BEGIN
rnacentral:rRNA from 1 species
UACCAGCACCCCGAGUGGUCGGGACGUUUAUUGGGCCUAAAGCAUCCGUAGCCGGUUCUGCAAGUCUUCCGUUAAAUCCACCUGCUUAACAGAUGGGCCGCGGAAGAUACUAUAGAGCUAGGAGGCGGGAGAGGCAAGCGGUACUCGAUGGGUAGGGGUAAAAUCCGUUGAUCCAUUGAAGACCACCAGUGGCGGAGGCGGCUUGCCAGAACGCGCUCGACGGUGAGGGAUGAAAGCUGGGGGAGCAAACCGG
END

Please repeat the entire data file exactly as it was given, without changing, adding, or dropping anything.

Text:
rnacentral:rRNA from 1 species
UACCAGCACCCCGAGUGGUCGGGACGUUUAUUGGGCCUAAAGCAUCCGUAGCCGGUUCUGCAAGUCUUCCGUUAAAUCCACCUGCUUAACAGAUGGGCCGCGGAAGAUACUAUAGAGCUAGGAGGCGGGAGAGGCAAGCGGUACUCGAUGGGUAGGGGUAAAAUCCGUUGAUCCAUUGAAGACCACCAGUGGCGGAGGCGGCUUGCCAGAACGCGCUCGACGGUGAGGGAUGAAAGCUGGGGGAGCAAACCGG